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Why Seniors Are More at Risk of a Fall

Falling is not an inevitable part of aging, but statistics show that a quarter of American adults ages 65+ suffer a fall every year. The risk of a fall rises as the physiology of our bodies changes with age. Our muscle mass and flexibility decrease, our sense of balance isn’t as acute, and our vision isn’t as sharp as it once was. We also may be on medications making us more susceptible to a loss of balance leading to a fall. 


How a Fall Impacts Senior Health and Wellness

One fall can alter your entire lifestyle, threatening your independence and overall health. Each year, 3 million seniors are treated for fall injuries. These falls often result in bone fractures of the hip, leg, ankle, pelvis, spine or arm. One in 5 falls causes serious injuries, such as a broken bone, concussion or brain injury.

 According to the Centers for Disease Control and Prevention, falling once also doubles the chances of falling again. This is because after a person falls the first time, they often become fearful of falling again. They avoid movements that might put them at risk, but at the cost of exercises that help maintain their health, balance and mobility.


5 Fall Prevention Tips

While it’s impossible to prevent all accidents, here are five fall prevention tips for seniors to decrease their risk.

  1. Audit your home.

Over a third of adults ages 65+ suffer a fall at home. The most common causes are tripping or slipping on the floor. It’s important to assess stairways and hallways to make them safer, remove clutter and trailing wires from rooms, and minimize protruding furniture. Make sure rugs are secured by nonslip mats or double-sided tape, and ensure doorways and thresholds are well lit. Add safety modifications like installing sturdy railings and grab bars in the tub or shower.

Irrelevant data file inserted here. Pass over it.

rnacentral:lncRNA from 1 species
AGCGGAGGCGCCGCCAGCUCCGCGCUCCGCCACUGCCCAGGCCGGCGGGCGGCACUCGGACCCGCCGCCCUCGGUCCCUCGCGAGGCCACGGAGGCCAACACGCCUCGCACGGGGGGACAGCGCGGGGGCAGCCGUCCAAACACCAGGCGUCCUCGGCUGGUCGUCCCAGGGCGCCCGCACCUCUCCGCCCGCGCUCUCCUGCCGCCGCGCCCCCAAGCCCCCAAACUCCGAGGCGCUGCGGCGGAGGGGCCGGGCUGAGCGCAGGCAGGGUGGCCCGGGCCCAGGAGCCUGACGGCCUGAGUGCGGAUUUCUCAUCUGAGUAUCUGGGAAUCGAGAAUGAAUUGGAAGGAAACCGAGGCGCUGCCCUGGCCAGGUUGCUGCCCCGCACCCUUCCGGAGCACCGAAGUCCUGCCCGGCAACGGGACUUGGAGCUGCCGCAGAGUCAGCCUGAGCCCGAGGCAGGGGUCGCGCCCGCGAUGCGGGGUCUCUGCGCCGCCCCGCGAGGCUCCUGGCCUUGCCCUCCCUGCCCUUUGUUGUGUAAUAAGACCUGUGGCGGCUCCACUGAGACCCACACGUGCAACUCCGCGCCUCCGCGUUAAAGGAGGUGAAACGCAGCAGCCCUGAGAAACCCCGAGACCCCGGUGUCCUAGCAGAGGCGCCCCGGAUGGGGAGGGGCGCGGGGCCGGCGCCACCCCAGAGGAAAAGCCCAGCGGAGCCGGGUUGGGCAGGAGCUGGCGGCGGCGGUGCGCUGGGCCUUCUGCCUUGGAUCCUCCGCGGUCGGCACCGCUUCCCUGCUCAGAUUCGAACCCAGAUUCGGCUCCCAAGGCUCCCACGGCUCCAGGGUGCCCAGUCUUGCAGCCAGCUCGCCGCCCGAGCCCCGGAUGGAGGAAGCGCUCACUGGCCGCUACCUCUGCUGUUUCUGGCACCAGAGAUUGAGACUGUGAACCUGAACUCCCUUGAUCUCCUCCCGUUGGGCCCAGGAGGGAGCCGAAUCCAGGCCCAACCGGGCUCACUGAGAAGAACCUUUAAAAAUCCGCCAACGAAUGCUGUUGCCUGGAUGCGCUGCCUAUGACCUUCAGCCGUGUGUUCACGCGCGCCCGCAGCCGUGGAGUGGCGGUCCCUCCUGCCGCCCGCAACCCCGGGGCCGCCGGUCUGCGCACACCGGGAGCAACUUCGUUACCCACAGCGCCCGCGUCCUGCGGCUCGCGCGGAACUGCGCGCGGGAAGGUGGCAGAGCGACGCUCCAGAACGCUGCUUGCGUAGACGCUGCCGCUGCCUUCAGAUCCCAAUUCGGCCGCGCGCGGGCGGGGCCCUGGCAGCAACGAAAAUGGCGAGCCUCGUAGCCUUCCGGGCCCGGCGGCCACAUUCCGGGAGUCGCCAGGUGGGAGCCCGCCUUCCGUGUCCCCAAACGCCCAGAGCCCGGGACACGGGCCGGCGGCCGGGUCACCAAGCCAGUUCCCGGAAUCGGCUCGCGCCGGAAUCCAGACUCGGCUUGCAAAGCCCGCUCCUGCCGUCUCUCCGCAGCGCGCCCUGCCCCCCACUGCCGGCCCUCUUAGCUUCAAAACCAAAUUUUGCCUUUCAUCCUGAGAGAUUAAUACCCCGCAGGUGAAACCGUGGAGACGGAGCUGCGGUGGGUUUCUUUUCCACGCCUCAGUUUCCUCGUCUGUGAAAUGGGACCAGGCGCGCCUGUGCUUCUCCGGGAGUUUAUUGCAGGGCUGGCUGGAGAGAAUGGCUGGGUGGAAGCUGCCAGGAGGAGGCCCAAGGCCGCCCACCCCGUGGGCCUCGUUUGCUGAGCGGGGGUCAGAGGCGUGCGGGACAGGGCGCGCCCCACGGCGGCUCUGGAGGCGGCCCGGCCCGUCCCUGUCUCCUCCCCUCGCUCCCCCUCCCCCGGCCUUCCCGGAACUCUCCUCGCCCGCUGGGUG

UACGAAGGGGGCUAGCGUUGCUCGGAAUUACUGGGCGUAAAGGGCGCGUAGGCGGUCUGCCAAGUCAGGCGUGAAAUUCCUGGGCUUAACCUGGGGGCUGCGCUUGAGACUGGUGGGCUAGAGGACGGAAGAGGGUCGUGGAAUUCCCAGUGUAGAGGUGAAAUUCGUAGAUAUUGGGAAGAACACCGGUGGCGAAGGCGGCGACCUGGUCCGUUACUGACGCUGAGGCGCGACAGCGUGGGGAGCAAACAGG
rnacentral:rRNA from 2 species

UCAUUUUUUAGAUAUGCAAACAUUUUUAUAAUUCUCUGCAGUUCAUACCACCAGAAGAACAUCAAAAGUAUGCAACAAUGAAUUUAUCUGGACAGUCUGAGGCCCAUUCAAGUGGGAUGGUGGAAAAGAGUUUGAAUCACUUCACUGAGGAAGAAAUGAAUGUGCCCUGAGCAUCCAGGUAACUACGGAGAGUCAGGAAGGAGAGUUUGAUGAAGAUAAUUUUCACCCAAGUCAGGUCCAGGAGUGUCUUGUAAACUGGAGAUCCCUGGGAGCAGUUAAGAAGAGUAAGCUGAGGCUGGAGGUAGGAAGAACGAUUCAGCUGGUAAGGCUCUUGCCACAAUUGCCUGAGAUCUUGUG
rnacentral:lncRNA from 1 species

1. Maintain strength and balance.

Movements to improve balance and muscle tone should be part of a daily routine for preventing falls in seniors. To maintain bone density and overall strength, a program of weight training is a good idea. Additionally, consume foods rich in calcium and vitamin D to keep your bones strong, and stay hydrated by drinking 60 to 80 ounces of liquids a day. Be extra careful when feeling ill, as you may be weaker than normal or affected by medication you’re taking.

  1. Choose supportive footwear.  A fall safety tip for seniors that’s often neglected is avoiding high-heeled or slippery shoes and floppy slippers, or walking around the house in stocking feet. Your shoes should have nonskid soles, fit well, and provide good support.
  1. Get your eyes checked.

Poor vision can cause you to miss a step or trip over something you didn’t see. Get your vision checked at least once a year and update your contact lenses or eyeglasses as needed. If you wear bifocals or progressive lenses, they can distort how close or far things really are. Consider getting a distance prescription for outdoor activities, even if you’re only walking.

  1. Check in regularly with your doctor.

Pay attention to any changes in your balance or vision and make an appointment with your doctor immediately if you notice any differences. Wellness checks at least once per year will help you stay on top of your health and reduce your risk of falling.  


We Make Fall Prevention a Priority  

Preventing falls in seniors is one of our top priorities. Residents at Heritage Senior Living communities have easy access to our multidisciplinary therapy teams, where certified physical therapists can perform a comprehensive fall risk screening. They develop customized programs to increase strength, coordination and balance, and address any post-hospital weakness or orthopedic conditions.

Learn how our innovative therapies can help decrease your risk of falling and improve your balance. Contact us today at 844-658-4475.